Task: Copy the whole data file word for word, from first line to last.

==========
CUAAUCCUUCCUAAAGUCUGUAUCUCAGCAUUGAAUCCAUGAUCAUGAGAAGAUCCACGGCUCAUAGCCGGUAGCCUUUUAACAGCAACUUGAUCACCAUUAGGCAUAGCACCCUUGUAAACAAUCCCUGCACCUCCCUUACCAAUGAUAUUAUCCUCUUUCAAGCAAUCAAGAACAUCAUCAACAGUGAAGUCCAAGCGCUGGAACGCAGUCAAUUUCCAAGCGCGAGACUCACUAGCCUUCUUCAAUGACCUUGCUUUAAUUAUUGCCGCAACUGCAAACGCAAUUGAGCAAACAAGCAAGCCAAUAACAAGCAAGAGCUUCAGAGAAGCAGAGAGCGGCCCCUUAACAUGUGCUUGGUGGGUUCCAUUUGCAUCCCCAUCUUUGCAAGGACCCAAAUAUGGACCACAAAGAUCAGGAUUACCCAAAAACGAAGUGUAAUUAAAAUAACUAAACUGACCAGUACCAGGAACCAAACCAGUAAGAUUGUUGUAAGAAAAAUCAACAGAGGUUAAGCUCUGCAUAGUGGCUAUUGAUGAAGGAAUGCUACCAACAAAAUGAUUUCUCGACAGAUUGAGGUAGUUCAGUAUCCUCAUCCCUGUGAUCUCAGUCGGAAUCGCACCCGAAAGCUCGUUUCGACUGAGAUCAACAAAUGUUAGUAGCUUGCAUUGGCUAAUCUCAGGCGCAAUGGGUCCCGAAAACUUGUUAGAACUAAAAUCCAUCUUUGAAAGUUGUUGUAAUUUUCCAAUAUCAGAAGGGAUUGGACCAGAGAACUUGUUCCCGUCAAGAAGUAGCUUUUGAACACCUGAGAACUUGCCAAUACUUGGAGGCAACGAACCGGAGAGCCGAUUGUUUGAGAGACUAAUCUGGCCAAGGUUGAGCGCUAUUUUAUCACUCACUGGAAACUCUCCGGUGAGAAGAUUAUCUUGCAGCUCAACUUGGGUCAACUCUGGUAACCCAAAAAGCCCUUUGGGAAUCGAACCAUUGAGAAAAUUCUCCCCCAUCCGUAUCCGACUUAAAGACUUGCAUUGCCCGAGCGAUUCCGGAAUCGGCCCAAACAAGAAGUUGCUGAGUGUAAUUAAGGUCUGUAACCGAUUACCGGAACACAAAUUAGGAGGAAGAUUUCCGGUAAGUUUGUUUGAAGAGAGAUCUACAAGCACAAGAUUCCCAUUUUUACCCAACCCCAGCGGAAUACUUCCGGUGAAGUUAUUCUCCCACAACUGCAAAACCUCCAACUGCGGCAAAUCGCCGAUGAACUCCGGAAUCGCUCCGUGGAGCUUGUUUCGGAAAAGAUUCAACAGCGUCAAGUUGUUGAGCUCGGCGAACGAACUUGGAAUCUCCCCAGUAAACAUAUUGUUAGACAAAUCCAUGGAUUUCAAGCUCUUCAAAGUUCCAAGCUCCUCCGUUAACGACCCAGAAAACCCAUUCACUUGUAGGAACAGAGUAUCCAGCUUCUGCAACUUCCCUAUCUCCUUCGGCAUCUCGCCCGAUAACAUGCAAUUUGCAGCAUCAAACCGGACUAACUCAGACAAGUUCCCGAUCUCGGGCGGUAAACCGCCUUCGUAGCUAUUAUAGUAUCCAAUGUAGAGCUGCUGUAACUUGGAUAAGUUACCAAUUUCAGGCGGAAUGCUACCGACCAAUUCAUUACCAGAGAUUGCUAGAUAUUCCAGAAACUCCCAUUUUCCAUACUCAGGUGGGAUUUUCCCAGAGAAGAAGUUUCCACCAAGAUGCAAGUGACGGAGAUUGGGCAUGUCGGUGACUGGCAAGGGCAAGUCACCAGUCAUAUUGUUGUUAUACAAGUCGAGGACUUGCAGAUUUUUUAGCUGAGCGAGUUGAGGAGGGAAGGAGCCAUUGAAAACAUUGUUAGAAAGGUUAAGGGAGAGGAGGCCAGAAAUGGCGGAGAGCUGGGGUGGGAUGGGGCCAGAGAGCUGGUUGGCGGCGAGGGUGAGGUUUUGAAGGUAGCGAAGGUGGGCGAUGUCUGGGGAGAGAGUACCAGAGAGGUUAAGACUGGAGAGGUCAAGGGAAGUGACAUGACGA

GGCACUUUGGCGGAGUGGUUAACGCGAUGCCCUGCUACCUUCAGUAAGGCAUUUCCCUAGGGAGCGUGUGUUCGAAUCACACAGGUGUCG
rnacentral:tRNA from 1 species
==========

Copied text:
CUAAUCCUUCCUAAAGUCUGUAUCUCAGCAUUGAAUCCAUGAUCAUGAGAAGAUCCACGGCUCAUAGCCGGUAGCCUUUUAACAGCAACUUGAUCACCAUUAGGCAUAGCACCCUUGUAAACAAUCCCUGCACCUCCCUUACCAAUGAUAUUAUCCUCUUUCAAGCAAUCAAGAACAUCAUCAACAGUGAAGUCCAAGCGCUGGAACGCAGUCAAUUUCCAAGCGCGAGACUCACUAGCCUUCUUCAAUGACCUUGCUUUAAUUAUUGCCGCAACUGCAAACGCAAUUGAGCAAACAAGCAAGCCAAUAACAAGCAAGAGCUUCAGAGAAGCAGAGAGCGGCCCCUUAACAUGUGCUUGGUGGGUUCCAUUUGCAUCCCCAUCUUUGCAAGGACCCAAAUAUGGACCACAAAGAUCAGGAUUACCCAAAAACGAAGUGUAAUUAAAAUAACUAAACUGACCAGUACCAGGAACCAAACCAGUAAGAUUGUUGUAAGAAAAAUCAACAGAGGUUAAGCUCUGCAUAGUGGCUAUUGAUGAAGGAAUGCUACCAACAAAAUGAUUUCUCGACAGAUUGAGGUAGUUCAGUAUCCUCAUCCCUGUGAUCUCAGUCGGAAUCGCACCCGAAAGCUCGUUUCGACUGAGAUCAACAAAUGUUAGUAGCUUGCAUUGGCUAAUCUCAGGCGCAAUGGGUCCCGAAAACUUGUUAGAACUAAAAUCCAUCUUUGAAAGUUGUUGUAAUUUUCCAAUAUCAGAAGGGAUUGGACCAGAGAACUUGUUCCCGUCAAGAAGUAGCUUUUGAACACCUGAGAACUUGCCAAUACUUGGAGGCAACGAACCGGAGAGCCGAUUGUUUGAGAGACUAAUCUGGCCAAGGUUGAGCGCUAUUUUAUCACUCACUGGAAACUCUCCGGUGAGAAGAUUAUCUUGCAGCUCAACUUGGGUCAACUCUGGUAACCCAAAAAGCCCUUUGGGAAUCGAACCAUUGAGAAAAUUCUCCCCCAUCCGUAUCCGACUUAAAGACUUGCAUUGCCCGAGCGAUUCCGGAAUCGGCCCAAACAAGAAGUUGCUGAGUGUAAUUAAGGUCUGUAACCGAUUACCGGAACACAAAUUAGGAGGAAGAUUUCCGGUAAGUUUGUUUGAAGAGAGAUCUACAAGCACAAGAUUCCCAUUUUUACCCAACCCCAGCGGAAUACUUCCGGUGAAGUUAUUCUCCCACAACUGCAAAACCUCCAACUGCGGCAAAUCGCCGAUGAACUCCGGAAUCGCUCCGUGGAGCUUGUUUCGGAAAAGAUUCAACAGCGUCAAGUUGUUGAGCUCGGCGAACGAACUUGGAAUCUCCCCAGUAAACAUAUUGUUAGACAAAUCCAUGGAUUUCAAGCUCUUCAAAGUUCCAAGCUCCUCCGUUAACGACCCAGAAAACCCAUUCACUUGUAGGAACAGAGUAUCCAGCUUCUGCAACUUCCCUAUCUCCUUCGGCAUCUCGCCCGAUAACAUGCAAUUUGCAGCAUCAAACCGGACUAACUCAGACAAGUUCCCGAUCUCGGGCGGUAAACCGCCUUCGUAGCUAUUAUAGUAUCCAAUGUAGAGCUGCUGUAACUUGGAUAAGUUACCAAUUUCAGGCGGAAUGCUACCGACCAAUUCAUUACCAGAGAUUGCUAGAUAUUCCAGAAACUCCCAUUUUCCAUACUCAGGUGGGAUUUUCCCAGAGAAGAAGUUUCCACCAAGAUGCAAGUGACGGAGAUUGGGCAUGUCGGUGACUGGCAAGGGCAAGUCACCAGUCAUAUUGUUGUUAUACAAGUCGAGGACUUGCAGAUUUUUUAGCUGAGCGAGUUGAGGAGGGAAGGAGCCAUUGAAAACAUUGUUAGAAAGGUUAAGGGAGAGGAGGCCAGAAAUGGCGGAGAGCUGGGGUGGGAUGGGGCCAGAGAGCUGGUUGGCGGCGAGGGUGAGGUUUUGAAGGUAGCGAAGGUGGGCGAUGUCUGGGGAGAGAGUACCAGAGAGGUUAAGACUGGAGAGGUCAAGGGAAGUGACAUGACGA

GGCACUUUGGCGGAGUGGUUAACGCGAUGCCCUGCUACCUUCAGUAAGGCAUUUCCCUAGGGAGCGUGUGUUCGAAUCACACAGGUGUCG
rnacentral:tRNA from 1 species